The leadership of the American College of Surgeons (ACS) understands that our most junior members—namely, residents and young surgeons just entering practice—represent the future both of the profession and of this organization. To this end, the ACS has hired new staff to meet the needs of trainee surgeons and has developed programs and activities to meet the challenges of this group. As a neurosurgeon in training, I’m often asked whether the College has offerings for those of us in the surgical subspecialties outside of general surgery. The answer is, “Yes.” The College does offer specific benefits to surgical trainees in specialties outside of general surgery, but we could use your help to better define which products, services, or educational offerings would be useful to you in your training and practice.
Invitation to get involved
As incoming Chair of the Resident and Associate Society of the ACS (RAS-ACS), I encourage all trainees (residents and fellows) as well as junior faculty to become active members of the RAS-ACS. This year, the RAS-ACS has many exciting projects planned, and your involvement in these initiatives will make this organization work even better for our members.
The RAS-ACS has four standing committees: Education, Advocacy & Issues, Membership, and Communication. These committees meet by conference call on a rotating schedule every Wednesday at 8:00 pm. The phone number to dial in is 1-888-585-9008 and the passcode is 549-242-585. We encourage all interested residents, fellows, and junior faculty to participate in these calls. Listening in on one or two conference calls is one of the best ways to understand how to get involved in the RAS-ACS.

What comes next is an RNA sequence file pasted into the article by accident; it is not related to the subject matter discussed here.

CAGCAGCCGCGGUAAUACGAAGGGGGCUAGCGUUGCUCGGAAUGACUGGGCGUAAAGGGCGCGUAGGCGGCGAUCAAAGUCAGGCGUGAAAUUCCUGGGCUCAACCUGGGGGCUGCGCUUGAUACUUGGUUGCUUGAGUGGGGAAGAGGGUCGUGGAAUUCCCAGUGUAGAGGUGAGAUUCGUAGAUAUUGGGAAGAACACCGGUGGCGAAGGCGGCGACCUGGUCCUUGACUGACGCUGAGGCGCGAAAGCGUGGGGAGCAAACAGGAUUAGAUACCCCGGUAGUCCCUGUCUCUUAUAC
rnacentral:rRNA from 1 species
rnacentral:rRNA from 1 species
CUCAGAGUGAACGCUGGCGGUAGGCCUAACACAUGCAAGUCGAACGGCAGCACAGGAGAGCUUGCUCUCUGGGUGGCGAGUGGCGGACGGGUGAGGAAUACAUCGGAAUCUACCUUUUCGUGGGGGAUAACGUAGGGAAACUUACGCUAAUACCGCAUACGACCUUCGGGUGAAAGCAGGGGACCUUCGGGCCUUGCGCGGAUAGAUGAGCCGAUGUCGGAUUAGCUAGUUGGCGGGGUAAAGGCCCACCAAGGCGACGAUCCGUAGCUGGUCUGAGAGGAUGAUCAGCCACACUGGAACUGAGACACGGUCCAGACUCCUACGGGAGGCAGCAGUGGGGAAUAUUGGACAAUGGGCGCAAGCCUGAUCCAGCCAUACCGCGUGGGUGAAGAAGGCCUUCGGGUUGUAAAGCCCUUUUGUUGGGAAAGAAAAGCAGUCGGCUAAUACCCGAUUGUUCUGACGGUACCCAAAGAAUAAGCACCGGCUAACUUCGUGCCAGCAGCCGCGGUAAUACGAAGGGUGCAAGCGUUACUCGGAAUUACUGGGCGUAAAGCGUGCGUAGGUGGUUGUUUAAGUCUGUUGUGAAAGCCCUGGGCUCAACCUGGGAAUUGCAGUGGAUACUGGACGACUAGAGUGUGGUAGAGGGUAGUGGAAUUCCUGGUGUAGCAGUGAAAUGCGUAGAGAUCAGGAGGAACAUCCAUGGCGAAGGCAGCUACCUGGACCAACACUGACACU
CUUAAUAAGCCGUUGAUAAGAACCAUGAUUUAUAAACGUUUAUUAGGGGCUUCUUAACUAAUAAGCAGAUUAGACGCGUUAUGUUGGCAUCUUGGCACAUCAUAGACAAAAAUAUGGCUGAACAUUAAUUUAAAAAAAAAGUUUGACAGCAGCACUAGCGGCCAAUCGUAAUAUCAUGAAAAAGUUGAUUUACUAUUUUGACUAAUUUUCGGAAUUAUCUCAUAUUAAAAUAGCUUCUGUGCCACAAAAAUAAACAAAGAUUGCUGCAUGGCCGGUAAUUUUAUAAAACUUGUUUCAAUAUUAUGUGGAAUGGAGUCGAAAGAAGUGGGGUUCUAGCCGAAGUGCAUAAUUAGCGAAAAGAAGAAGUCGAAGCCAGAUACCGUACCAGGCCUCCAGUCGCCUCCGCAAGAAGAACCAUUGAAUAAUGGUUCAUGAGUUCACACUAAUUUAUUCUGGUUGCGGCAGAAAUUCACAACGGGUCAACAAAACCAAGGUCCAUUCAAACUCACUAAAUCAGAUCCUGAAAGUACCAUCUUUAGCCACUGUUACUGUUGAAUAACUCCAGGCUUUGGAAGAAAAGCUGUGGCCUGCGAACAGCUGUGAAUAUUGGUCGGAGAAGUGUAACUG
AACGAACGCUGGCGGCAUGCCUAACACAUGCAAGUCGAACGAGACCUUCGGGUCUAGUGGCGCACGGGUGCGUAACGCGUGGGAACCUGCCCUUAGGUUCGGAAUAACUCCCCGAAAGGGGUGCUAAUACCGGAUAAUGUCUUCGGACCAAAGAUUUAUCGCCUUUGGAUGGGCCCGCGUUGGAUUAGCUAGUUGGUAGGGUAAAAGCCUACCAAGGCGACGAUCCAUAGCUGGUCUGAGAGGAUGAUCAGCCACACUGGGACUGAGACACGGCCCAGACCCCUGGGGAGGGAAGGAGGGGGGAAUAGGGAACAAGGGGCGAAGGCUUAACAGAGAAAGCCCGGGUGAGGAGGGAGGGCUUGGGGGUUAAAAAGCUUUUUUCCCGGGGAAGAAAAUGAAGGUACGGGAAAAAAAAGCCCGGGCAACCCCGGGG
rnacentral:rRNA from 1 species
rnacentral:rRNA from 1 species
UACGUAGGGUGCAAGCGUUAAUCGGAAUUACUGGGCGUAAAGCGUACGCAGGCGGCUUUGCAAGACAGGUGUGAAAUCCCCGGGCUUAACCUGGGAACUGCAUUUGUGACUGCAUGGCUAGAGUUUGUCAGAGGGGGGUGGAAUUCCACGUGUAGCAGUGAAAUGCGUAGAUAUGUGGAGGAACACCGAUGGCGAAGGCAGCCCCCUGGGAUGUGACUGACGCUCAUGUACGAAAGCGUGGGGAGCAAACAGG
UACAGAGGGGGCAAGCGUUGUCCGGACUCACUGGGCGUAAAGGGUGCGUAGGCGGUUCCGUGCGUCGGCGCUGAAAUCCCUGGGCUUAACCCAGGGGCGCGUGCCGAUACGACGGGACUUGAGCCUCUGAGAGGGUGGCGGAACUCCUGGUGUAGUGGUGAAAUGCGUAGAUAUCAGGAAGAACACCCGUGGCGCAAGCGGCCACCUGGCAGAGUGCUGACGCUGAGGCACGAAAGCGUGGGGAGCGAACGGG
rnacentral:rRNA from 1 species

Each RAS-ACS standing committee has an ambitious agenda planned for the year. Serving on a standing committee is a tremendous leadership experience for any surgical resident, fellow, or junior faculty member—it helps participants understand the structure and functions of the College, and it provides networking opportunities with surgical peers across the country.
Our Communications Committee, led by Erin Garvey, MD, will be working on several exciting programs in 2016. We are working to develop a journal club in partnership with the Journal of the American College of Surgeons, which will provide surgical trainees with the opportunity to publish scientific literature reviews, facilitating discussion and learning across institutions.